Bringing Indian Railways back on track: Reasons behind its bad financial health and how it can optimise fare pricing

One of the reasons for the Indian Railways’ bad financial health is its suboptimal fare pricing. Recent pricing policy decisions have added to the Railways’ problems. The willingness-to-pay surveys on the ticketing portal could help streamline and optimise railway fare pricing.

Bringing Indian Railways back on track: Reasons behind its bad financial health and how it can optimise fare pricing
Illustration: rohnit phore

The Indian Railways has been incurring big losses and registered undesirable operating ratios that indicate its precarious financial health for quite some time. The operating ratio in the case of the Indian Railways implies the sum that the transporter spends in order to earn a rupee’s revenue, and is a key measure of efficiency. To be precise, the operating ratio was 90.5% in 2015-16, 96.5% in 2016-17, and 98.5% in 2017-18. The fare-freight ratio (the ratio of the average passenger fare to average freight rates) of the Indian Railways is 0.3, compared to 1.4 in South Korea, 1.3 in France, 1.2 in China, 0.9 in Malaysia and Indonesia, and 0.7 in Thailand. Skewed fare pricing has huge implications for inflation since transport costs have large knock-on effects on inflation and other macroeconomic variables. Railway fares have stagnated for years and fare prices have lagged behind general inflation.

A recent CMIE report projects that the domestic passenger traffic will grow by 19.2% in 2018-19. The Indian Railways needs to invest a humongous amount of money to meet this additional passenger and freight traffic and other expenditures such as station redevelopment, platform decongestion, laying of new tracks for both passenger and freight trains, track renewal, creating rolling stock, and dedicated freight corridors. However, its near-100% operating ratio hardly leaves any money for the Indian Railways to invest on its own. Therefore, raising passenger fares has become a policy imperative. The highest ever operating ratio since 2001 recorded in FY17 recently made the CAG to bat for a fare hike.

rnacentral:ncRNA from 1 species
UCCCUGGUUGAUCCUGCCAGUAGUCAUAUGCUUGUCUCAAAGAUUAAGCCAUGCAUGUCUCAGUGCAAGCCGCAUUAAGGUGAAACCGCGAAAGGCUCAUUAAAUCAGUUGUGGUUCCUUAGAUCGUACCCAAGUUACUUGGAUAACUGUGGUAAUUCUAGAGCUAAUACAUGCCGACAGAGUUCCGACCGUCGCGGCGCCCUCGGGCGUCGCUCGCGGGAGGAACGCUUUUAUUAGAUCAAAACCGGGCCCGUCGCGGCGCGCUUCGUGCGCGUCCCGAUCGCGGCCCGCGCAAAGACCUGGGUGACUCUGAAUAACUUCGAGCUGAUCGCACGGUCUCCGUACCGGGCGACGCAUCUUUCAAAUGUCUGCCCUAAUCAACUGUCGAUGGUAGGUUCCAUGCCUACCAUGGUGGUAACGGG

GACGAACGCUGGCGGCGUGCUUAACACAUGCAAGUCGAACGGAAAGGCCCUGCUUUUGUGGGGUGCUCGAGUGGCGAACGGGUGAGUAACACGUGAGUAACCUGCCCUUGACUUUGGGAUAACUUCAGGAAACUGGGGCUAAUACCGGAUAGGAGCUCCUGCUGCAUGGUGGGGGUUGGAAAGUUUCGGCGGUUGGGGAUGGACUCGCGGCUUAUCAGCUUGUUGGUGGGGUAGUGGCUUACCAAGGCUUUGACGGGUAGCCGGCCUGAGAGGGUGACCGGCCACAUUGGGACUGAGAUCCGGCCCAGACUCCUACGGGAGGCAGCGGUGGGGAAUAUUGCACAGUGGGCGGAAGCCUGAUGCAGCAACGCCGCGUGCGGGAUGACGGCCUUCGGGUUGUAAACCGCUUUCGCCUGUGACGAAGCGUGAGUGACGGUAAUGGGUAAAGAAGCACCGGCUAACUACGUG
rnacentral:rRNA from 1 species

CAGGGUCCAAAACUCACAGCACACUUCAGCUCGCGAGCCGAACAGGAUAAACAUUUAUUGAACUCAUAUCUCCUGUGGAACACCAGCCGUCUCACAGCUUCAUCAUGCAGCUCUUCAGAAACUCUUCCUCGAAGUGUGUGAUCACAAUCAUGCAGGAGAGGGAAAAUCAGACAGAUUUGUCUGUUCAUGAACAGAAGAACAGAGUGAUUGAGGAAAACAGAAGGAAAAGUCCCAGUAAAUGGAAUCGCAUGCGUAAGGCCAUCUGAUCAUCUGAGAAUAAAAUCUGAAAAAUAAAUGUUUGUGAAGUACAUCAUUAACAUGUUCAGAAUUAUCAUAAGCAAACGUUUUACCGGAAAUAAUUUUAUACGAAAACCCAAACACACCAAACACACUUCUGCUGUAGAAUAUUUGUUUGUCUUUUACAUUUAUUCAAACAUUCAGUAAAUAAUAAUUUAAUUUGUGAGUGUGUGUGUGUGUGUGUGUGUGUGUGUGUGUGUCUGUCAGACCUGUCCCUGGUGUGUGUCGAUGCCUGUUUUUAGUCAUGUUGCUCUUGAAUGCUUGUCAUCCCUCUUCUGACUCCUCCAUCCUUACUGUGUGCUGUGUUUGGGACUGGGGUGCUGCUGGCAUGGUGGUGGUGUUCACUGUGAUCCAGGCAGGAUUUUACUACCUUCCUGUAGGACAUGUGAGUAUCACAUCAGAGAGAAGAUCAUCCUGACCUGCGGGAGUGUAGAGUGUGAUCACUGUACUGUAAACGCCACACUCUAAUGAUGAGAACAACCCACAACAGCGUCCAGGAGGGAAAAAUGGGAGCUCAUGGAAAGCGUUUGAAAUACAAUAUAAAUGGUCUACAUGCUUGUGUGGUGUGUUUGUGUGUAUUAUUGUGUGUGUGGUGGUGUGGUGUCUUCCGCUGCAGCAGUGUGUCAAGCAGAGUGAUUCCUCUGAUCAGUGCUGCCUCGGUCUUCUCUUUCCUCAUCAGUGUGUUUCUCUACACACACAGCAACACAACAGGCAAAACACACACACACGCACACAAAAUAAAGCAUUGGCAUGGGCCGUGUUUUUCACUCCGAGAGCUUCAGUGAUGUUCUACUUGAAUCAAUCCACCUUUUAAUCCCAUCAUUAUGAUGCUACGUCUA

As a state-run service provider competing with alternative modes of transport, the Indian Railways has always (except a few recent policy innovations) adopted marketing policies that were applicable to all the zonal segments across the board. One recent exception is the introduction (and possible rollback soon) of dynamic pricing or surge pricing for fast trains such as Rajdhani, Shatabdi and Duronto trains. According to an article published in the Economic & Political Weekly (titled “‘Surge’ Pricing for Railway Tickets as Tax by Stealth”) in February and written by the authors of this article, such surge pricing has led to a suboptimal outcome of weaning travellers away from trains to airlines, and has acted as a ‘tax by stealth’ measure. A recent CAG report also corroborated this line of argument.

Then, the question arises, how can the Indian Railways optimally price its fares so as to increase its revenues? There could be some potential sources of investment worth considering. For example, the Indian Railways can raise additional finance through (1) smart advertisement space-selling, akin to the Delhi Metro, (2) selling surplus and potentially unusable land, (3) by developing commercial zones/shopping malls near the station area, (4) by developing parking areas in railway stations, and (5) by raising rail fares. It is highly likely that the Indian Railways administration might have studied some or all of these ways and means. Devising optimal fund-raising mechanisms is key.